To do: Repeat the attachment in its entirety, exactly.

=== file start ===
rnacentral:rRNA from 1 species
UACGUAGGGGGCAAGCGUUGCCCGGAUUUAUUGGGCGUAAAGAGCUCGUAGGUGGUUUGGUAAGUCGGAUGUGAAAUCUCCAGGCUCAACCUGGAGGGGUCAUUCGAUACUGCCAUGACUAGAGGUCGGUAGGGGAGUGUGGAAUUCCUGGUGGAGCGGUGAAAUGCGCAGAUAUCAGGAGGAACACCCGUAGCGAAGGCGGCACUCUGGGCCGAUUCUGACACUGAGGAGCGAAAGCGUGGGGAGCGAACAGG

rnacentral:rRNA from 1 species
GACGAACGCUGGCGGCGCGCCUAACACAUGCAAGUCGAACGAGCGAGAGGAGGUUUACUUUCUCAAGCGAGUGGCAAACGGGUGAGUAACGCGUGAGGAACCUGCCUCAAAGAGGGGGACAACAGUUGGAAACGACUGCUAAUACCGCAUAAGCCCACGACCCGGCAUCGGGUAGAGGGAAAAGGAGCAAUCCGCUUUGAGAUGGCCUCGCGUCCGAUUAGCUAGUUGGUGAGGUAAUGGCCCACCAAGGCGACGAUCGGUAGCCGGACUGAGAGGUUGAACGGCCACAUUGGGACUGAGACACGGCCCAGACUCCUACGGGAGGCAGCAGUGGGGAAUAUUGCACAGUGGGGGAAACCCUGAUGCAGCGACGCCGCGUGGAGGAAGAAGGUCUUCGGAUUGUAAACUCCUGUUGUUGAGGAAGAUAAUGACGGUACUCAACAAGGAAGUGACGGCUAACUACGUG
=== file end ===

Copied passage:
rnacentral:rRNA from 1 species
UACGUAGGGGGCAAGCGUUGCCCGGAUUUAUUGGGCGUAAAGAGCUCGUAGGUGGUUUGGUAAGUCGGAUGUGAAAUCUCCAGGCUCAACCUGGAGGGGUCAUUCGAUACUGCCAUGACUAGAGGUCGGUAGGGGAGUGUGGAAUUCCUGGUGGAGCGGUGAAAUGCGCAGAUAUCAGGAGGAACACCCGUAGCGAAGGCGGCACUCUGGGCCGAUUCUGACACUGAGGAGCGAAAGCGUGGGGAGCGAACAGG

rnacentral:rRNA from 1 species
GACGAACGCUGGCGGCGCGCCUAACACAUGCAAGUCGAACGAGCGAGAGGAGGUUUACUUUCUCAAGCGAGUGGCAAACGGGUGAGUAACGCGUGAGGAACCUGCCUCAAAGAGGGGGACAACAGUUGGAAACGACUGCUAAUACCGCAUAAGCCCACGACCCGGCAUCGGGUAGAGGGAAAAGGAGCAAUCCGCUUUGAGAUGGCCUCGCGUCCGAUUAGCUAGUUGGUGAGGUAAUGGCCCACCAAGGCGACGAUCGGUAGCCGGACUGAGAGGUUGAACGGCCACAUUGGGACUGAGACACGGCCCAGACUCCUACGGGAGGCAGCAGUGGGGAAUAUUGCACAGUGGGGGAAACCCUGAUGCAGCGACGCCGCGUGGAGGAAGAAGGUCUUCGGAUUGUAAACUCCUGUUGUUGAGGAAGAUAAUGACGGUACUCAACAAGGAAGUGACGGCUAACUACGUG